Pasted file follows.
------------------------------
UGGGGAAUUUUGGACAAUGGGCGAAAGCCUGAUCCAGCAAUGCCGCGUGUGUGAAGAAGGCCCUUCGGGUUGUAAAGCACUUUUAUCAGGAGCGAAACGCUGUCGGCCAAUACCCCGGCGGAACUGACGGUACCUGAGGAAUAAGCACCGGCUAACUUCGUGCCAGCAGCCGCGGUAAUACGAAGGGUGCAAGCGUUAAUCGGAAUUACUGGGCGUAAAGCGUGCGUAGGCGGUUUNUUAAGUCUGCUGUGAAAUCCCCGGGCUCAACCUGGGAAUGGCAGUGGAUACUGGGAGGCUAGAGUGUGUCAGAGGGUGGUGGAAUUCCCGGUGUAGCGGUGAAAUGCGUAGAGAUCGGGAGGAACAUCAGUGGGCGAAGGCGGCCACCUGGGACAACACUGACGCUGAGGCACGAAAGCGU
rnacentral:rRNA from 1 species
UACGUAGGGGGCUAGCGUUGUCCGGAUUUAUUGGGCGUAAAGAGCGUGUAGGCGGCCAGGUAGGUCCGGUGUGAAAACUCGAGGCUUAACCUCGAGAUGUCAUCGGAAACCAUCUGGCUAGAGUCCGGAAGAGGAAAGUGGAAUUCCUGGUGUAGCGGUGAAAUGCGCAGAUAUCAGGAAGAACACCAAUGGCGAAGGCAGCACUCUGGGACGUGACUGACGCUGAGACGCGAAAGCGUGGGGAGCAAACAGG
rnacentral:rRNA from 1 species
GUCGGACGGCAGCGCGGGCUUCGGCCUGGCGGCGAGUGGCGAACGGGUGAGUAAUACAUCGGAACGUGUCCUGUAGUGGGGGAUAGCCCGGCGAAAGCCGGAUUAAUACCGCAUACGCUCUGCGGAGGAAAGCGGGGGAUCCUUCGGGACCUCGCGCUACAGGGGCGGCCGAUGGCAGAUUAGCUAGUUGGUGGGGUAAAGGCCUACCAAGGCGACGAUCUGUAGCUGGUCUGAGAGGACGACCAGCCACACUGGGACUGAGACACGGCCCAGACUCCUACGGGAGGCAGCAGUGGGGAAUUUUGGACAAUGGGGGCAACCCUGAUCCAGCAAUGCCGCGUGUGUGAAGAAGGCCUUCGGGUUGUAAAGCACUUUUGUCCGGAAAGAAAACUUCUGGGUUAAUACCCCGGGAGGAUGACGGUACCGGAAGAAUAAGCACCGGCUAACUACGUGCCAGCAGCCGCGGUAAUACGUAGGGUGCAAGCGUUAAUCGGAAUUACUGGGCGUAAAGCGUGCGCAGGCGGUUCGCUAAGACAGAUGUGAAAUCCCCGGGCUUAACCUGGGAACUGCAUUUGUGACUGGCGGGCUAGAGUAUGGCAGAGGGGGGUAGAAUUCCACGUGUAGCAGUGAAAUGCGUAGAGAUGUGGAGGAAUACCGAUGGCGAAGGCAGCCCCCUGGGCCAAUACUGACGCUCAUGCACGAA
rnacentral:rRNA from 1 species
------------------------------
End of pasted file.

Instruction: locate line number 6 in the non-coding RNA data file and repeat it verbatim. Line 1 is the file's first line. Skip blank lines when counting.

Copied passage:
rnacentral:rRNA from 1 species